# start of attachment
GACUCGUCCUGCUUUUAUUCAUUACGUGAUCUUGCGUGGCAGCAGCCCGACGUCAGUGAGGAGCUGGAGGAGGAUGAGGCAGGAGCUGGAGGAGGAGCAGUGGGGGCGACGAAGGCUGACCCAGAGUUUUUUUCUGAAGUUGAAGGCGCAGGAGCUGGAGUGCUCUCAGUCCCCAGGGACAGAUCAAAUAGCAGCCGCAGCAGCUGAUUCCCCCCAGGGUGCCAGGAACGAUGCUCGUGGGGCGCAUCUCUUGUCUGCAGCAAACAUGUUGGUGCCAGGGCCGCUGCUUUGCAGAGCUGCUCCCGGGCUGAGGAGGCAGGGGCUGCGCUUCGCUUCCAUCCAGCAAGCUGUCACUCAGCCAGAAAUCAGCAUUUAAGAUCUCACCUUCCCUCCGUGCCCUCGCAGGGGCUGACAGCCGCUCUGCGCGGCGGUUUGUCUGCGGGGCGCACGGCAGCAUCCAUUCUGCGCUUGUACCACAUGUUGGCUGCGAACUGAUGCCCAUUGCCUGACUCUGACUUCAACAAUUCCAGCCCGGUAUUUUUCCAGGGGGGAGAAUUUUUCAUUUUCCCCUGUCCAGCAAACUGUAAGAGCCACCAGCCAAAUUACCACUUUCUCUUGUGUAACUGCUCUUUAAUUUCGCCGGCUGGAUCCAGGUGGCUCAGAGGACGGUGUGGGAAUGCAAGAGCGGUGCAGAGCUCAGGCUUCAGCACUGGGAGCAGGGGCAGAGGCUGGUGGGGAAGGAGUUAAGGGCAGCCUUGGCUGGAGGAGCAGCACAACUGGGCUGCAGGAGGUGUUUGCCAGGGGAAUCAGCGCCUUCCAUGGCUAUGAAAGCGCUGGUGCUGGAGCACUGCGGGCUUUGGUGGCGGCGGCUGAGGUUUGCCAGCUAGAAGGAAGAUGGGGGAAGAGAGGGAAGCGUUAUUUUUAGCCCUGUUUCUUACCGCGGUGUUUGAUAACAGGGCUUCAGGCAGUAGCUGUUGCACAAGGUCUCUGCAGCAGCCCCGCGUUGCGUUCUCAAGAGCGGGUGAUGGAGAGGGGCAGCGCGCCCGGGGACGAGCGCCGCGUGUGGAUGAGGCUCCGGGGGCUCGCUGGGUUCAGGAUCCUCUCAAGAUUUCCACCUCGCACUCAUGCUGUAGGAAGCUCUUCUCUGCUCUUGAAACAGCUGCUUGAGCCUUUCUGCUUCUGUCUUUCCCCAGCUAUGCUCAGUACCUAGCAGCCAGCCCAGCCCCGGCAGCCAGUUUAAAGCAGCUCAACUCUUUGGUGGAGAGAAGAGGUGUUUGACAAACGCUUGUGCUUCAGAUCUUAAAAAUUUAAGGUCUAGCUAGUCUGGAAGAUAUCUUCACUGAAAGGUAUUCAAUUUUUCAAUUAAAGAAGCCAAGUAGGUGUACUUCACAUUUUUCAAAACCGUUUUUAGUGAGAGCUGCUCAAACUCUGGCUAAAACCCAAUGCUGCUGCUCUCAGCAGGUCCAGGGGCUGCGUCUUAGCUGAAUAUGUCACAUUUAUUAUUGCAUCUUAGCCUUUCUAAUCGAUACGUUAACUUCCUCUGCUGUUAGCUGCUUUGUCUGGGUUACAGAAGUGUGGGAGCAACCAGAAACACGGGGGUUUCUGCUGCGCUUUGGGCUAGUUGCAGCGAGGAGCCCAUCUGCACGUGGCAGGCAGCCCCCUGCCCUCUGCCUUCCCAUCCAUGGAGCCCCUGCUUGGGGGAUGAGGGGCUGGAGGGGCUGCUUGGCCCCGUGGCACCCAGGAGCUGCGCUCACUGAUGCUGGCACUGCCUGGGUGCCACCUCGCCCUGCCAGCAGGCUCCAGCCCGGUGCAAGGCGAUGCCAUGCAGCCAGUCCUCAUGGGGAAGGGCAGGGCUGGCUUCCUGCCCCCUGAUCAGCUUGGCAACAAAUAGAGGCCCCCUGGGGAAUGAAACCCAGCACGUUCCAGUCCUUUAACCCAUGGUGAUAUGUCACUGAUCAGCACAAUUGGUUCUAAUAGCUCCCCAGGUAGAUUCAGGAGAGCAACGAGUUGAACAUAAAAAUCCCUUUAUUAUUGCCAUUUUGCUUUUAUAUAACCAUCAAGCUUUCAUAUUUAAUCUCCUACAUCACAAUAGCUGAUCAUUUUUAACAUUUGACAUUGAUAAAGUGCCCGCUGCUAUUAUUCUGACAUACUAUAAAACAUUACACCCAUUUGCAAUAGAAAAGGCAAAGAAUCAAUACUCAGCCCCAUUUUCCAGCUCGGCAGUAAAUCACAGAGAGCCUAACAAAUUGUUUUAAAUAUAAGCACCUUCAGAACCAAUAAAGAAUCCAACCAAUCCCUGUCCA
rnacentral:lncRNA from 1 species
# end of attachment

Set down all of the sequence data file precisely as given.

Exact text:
GACUCGUCCUGCUUUUAUUCAUUACGUGAUCUUGCGUGGCAGCAGCCCGACGUCAGUGAGGAGCUGGAGGAGGAUGAGGCAGGAGCUGGAGGAGGAGCAGUGGGGGCGACGAAGGCUGACCCAGAGUUUUUUUCUGAAGUUGAAGGCGCAGGAGCUGGAGUGCUCUCAGUCCCCAGGGACAGAUCAAAUAGCAGCCGCAGCAGCUGAUUCCCCCCAGGGUGCCAGGAACGAUGCUCGUGGGGCGCAUCUCUUGUCUGCAGCAAACAUGUUGGUGCCAGGGCCGCUGCUUUGCAGAGCUGCUCCCGGGCUGAGGAGGCAGGGGCUGCGCUUCGCUUCCAUCCAGCAAGCUGUCACUCAGCCAGAAAUCAGCAUUUAAGAUCUCACCUUCCCUCCGUGCCCUCGCAGGGGCUGACAGCCGCUCUGCGCGGCGGUUUGUCUGCGGGGCGCACGGCAGCAUCCAUUCUGCGCUUGUACCACAUGUUGGCUGCGAACUGAUGCCCAUUGCCUGACUCUGACUUCAACAAUUCCAGCCCGGUAUUUUUCCAGGGGGGAGAAUUUUUCAUUUUCCCCUGUCCAGCAAACUGUAAGAGCCACCAGCCAAAUUACCACUUUCUCUUGUGUAACUGCUCUUUAAUUUCGCCGGCUGGAUCCAGGUGGCUCAGAGGACGGUGUGGGAAUGCAAGAGCGGUGCAGAGCUCAGGCUUCAGCACUGGGAGCAGGGGCAGAGGCUGGUGGGGAAGGAGUUAAGGGCAGCCUUGGCUGGAGGAGCAGCACAACUGGGCUGCAGGAGGUGUUUGCCAGGGGAAUCAGCGCCUUCCAUGGCUAUGAAAGCGCUGGUGCUGGAGCACUGCGGGCUUUGGUGGCGGCGGCUGAGGUUUGCCAGCUAGAAGGAAGAUGGGGGAAGAGAGGGAAGCGUUAUUUUUAGCCCUGUUUCUUACCGCGGUGUUUGAUAACAGGGCUUCAGGCAGUAGCUGUUGCACAAGGUCUCUGCAGCAGCCCCGCGUUGCGUUCUCAAGAGCGGGUGAUGGAGAGGGGCAGCGCGCCCGGGGACGAGCGCCGCGUGUGGAUGAGGCUCCGGGGGCUCGCUGGGUUCAGGAUCCUCUCAAGAUUUCCACCUCGCACUCAUGCUGUAGGAAGCUCUUCUCUGCUCUUGAAACAGCUGCUUGAGCCUUUCUGCUUCUGUCUUUCCCCAGCUAUGCUCAGUACCUAGCAGCCAGCCCAGCCCCGGCAGCCAGUUUAAAGCAGCUCAACUCUUUGGUGGAGAGAAGAGGUGUUUGACAAACGCUUGUGCUUCAGAUCUUAAAAAUUUAAGGUCUAGCUAGUCUGGAAGAUAUCUUCACUGAAAGGUAUUCAAUUUUUCAAUUAAAGAAGCCAAGUAGGUGUACUUCACAUUUUUCAAAACCGUUUUUAGUGAGAGCUGCUCAAACUCUGGCUAAAACCCAAUGCUGCUGCUCUCAGCAGGUCCAGGGGCUGCGUCUUAGCUGAAUAUGUCACAUUUAUUAUUGCAUCUUAGCCUUUCUAAUCGAUACGUUAACUUCCUCUGCUGUUAGCUGCUUUGUCUGGGUUACAGAAGUGUGGGAGCAACCAGAAACACGGGGGUUUCUGCUGCGCUUUGGGCUAGUUGCAGCGAGGAGCCCAUCUGCACGUGGCAGGCAGCCCCCUGCCCUCUGCCUUCCCAUCCAUGGAGCCCCUGCUUGGGGGAUGAGGGGCUGGAGGGGCUGCUUGGCCCCGUGGCACCCAGGAGCUGCGCUCACUGAUGCUGGCACUGCCUGGGUGCCACCUCGCCCUGCCAGCAGGCUCCAGCCCGGUGCAAGGCGAUGCCAUGCAGCCAGUCCUCAUGGGGAAGGGCAGGGCUGGCUUCCUGCCCCCUGAUCAGCUUGGCAACAAAUAGAGGCCCCCUGGGGAAUGAAACCCAGCACGUUCCAGUCCUUUAACCCAUGGUGAUAUGUCACUGAUCAGCACAAUUGGUUCUAAUAGCUCCCCAGGUAGAUUCAGGAGAGCAACGAGUUGAACAUAAAAAUCCCUUUAUUAUUGCCAUUUUGCUUUUAUAUAACCAUCAAGCUUUCAUAUUUAAUCUCCUACAUCACAAUAGCUGAUCAUUUUUAACAUUUGACAUUGAUAAAGUGCCCGCUGCUAUUAUUCUGACAUACUAUAAAACAUUACACCCAUUUGCAAUAGAAAAGGCAAAGAAUCAAUACUCAGCCCCAUUUUCCAGCUCGGCAGUAAAUCACAGAGAGCCUAACAAAUUGUUUUAAAUAUAAGCACCUUCAGAACCAAUAAAGAAUCCAACCAAUCCCUGUCCA
rnacentral:lncRNA from 1 species